Stenson slams China Open course, Poulter in the hunt
This photo taken and received by OneAsia on April 24, 2014 shows Henrik Stenson of Sweden playing a shot during the first round of the Volvo China Open at the Genzon Golf Club in the southern Chinese city of Shenzhen - by Paul Lakatos
The big Swede cut a frustrated figure at the Genzon Golf Club in Shenzhen, even throwing his club towards his bag on the eighteenth hole before signing for a one-under-par 71.
Chinese prodigy Guan Tianlang carded the same score but was much happier with his efforts while Ryder Cup legend Ian Poulter finished two shots better at three under, two behind the leaders.
Spain's Alvaro Quiros and Simon Dyson of England were tied for the lead after matching 67s over the tough, undulating 7,145-yard-long course.
Stenson, third in the world rankings, had been considered the tournament favourite but his preparation was hit by a heavy dose of flu which kept him in bed for almost two days and unable to practise.
"There was no improvement, unfortunately, from yesterday," the 38-year-old said of his illness.
"The body doesn't feel great, the stomach is upset... I'm not throwing up but I'm not too keen on eating and my energy levels aren't the best."
A tired-looking Stenson started his round perfectly, holing birdies on the opening two holes, but he struggled thereafter, swapping four bogeys with a further three birdies.
"It's not easy to play a golf course blind, and it definitely costs a couple of shots when you haven't seen it, or haven't played it," rued the Swedish star.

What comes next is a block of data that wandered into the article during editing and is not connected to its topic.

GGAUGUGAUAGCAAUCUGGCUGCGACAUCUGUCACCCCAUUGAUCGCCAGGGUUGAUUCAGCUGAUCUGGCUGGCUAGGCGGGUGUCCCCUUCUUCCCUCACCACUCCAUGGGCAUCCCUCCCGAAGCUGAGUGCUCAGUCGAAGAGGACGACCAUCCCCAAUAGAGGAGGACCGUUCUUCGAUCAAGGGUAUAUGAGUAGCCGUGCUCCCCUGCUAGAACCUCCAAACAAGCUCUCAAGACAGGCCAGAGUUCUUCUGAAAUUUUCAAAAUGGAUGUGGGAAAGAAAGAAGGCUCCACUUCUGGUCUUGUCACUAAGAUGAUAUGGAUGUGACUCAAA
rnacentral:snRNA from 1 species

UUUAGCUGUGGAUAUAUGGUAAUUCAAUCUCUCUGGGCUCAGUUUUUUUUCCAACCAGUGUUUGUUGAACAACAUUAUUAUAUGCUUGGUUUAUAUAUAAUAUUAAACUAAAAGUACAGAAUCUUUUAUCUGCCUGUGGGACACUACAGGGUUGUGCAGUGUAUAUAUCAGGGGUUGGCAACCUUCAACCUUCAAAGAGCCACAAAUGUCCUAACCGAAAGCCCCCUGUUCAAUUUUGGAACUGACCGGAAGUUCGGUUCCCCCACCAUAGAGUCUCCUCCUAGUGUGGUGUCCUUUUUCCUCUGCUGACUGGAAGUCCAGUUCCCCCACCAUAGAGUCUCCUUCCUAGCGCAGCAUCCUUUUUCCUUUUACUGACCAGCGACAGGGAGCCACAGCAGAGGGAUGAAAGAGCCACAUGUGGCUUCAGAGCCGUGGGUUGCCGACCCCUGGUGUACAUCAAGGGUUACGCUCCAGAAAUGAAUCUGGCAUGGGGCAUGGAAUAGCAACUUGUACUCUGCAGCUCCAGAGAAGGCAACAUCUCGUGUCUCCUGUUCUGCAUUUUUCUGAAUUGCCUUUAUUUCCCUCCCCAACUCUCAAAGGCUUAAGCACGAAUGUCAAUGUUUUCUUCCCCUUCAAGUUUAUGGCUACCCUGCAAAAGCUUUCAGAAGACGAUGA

- 'Played pretty tricky' -
But it wasn't just flu or unfamiliarity that Stenson cursed, taking aim at the condition of the course.
"You get some horrific lies when you're missing fairways or greens," he said.
"I took a (bogey) six on 13 by just being off the green -- you can't even get the ball hardly on the green to save par.
"I think it's a course that when the rough gets that silly in certain areas, it kind of takes away a lot of skill.
"You don't have to hit it particularly well to hold the greens either... it's pretty slow. So all in all it played pretty tricky -- for myself at least."
Guangzhou schoolboy Guan, who made waves at last year's Masters when he became the youngest player ever to make the cut, came back with nine straight pars for a solid 71.
"I played well today," said the 15-year-old. "I gave myself a lot of opportunities to make putts. It could have been better but I played really consistently."
Poulter described his 69 as a "fairly decent start" in his quest for the $530,000 winner's cheque.
Also on three under was 28-year-old Wu Ashun, the leading Chinese player.
Spain's Quiros attributed his five-under-par round, which included an eagle, to some handy putting while Dyson said he played some of his best golf for "quite some time".
Last year, Dyson was fined 30,000 pounds ($50,000 dollars) and given a suspended two-month ban for tapping down a spike mark during a tournament in Shanghai.
The leaders are one ahead of defending champion Brett Rumford, who's tied with five other players at four-under par on a packed leaderboard.
Two of those five will complete their first round on Saturday, after darkness forced them to stop play with the last hole remaining.
PGA Champion Jason Dufner completed his first round at the European Tour-OneAsia co-sanctioned event in one over.